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Those of you who do not live in our desert, or who have not been here in the months of July-September may not realize that we experience a true rainy season during those months. On average, about 6 inches of rainfall occurs during our summer Monsoon, at least 1/2 of the total that we receive in an entire year. The rains come in the form of thunderstorms. These storms can be cataclysmic in their intensity. They are also quite local. It’s common for a neighborhood in the Tucson area to be drenched while other neighborhoods just a mile or two away remain bone dry. Rainfall totals for the Monsoon can vary considerably from one area to the next. Some communities may get inundated in the course of a summer whereas others get relatively little rain.
Our neighborhood and nearby Sabino Canyon had an excellent Monsoon this year. I don’t know what the rainfall total has been but there are large patches of desert near our home that are positively lush with greenery. Plants have put out new leaves in abundance, grasses and wildflowers are everywhere, and Sabino Creek has been running heavily for more than a month. The local fauna, particularly species that depend on rainfall, like toads, responded with gusto. If you want to know what pleased by the rainfall looks like, then just check out this little guy, a male Couch’s Spadefoot Toad that I photographed right after an intense Monsoon rain.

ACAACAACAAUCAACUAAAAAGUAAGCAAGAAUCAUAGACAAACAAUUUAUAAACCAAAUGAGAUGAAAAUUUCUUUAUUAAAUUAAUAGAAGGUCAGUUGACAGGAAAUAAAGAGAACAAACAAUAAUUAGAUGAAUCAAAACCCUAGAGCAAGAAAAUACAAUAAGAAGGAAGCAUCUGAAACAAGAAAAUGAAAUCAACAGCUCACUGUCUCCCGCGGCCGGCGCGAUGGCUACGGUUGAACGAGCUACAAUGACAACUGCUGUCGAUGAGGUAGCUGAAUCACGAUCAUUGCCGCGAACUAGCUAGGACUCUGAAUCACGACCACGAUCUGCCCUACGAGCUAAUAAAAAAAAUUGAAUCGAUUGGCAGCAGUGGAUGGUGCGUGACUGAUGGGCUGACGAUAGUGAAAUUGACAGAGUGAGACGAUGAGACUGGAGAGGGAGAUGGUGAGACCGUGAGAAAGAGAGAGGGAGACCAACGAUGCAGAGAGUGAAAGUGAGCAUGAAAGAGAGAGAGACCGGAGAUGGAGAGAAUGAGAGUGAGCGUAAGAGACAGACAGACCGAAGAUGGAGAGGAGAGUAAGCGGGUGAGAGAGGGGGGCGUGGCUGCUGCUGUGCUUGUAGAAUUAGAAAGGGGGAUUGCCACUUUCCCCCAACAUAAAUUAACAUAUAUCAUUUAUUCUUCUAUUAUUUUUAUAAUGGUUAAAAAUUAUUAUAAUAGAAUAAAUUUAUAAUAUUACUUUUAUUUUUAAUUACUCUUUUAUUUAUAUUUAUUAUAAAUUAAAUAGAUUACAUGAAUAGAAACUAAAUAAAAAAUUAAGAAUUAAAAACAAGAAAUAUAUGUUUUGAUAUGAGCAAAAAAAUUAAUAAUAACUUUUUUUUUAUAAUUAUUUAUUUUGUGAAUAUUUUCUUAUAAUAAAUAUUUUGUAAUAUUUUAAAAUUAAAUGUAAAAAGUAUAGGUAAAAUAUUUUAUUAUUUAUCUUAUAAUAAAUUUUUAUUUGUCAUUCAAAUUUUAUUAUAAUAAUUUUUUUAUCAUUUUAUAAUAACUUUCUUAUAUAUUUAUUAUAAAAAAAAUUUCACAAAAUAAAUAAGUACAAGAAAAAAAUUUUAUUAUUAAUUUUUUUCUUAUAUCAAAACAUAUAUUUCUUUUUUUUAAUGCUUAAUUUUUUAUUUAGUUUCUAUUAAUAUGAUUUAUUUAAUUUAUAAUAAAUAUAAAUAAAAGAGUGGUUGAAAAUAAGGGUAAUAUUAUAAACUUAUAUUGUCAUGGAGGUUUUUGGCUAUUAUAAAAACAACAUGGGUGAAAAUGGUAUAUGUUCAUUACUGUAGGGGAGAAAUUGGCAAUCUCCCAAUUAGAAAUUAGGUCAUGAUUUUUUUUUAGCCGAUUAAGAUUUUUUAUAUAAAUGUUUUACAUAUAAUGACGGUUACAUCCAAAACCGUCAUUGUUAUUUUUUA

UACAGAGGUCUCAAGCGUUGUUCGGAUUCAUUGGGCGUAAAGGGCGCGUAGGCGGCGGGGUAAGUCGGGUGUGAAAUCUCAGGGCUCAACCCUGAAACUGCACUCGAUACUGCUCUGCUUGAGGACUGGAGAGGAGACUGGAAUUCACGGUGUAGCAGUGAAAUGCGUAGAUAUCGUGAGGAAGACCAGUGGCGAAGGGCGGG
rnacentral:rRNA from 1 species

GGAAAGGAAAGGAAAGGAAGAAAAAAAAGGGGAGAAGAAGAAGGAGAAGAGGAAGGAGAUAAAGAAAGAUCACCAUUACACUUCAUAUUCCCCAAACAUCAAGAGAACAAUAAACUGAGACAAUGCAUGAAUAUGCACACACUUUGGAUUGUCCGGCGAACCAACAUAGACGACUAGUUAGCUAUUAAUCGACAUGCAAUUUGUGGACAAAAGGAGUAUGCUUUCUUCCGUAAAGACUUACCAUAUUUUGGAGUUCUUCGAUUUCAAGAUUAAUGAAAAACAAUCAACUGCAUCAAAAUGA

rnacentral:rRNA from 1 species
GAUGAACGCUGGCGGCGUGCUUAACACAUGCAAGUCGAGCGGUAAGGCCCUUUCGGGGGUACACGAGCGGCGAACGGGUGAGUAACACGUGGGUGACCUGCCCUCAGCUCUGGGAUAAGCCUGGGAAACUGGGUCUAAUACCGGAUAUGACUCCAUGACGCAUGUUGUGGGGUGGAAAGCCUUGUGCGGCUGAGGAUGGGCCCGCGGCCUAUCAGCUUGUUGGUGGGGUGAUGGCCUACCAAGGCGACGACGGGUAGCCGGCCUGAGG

It’s all come to an end, now. Skies have turned pure blue, humidity has plummeted, and winds have shifted from a southerly direction to strong breezes blowing from the east. Our Monsoon is over and we will dry out over the next month or two. It remains to be seen whether our fall and winter rains (our second rainy season) will be productive. Meanwhile, our desert is as green as I’ve ever seen it.
With the shift in weather patterns will come big shifts in the visible fauna. These changes will be reflected in the pictures that I take over the weeks to come. As fall progresses there will be an end to amphibian and insect photography and many more photographs of birds. The changes in subject matter reflect the natural cycle, my photos simply follow the flow.
Image made with a Canon 5DS-R, 180 f3.5L Macro Lens assisted by Canon 600EX-RT Speedlite, M setting, ISO 125, f13 @ 1/160.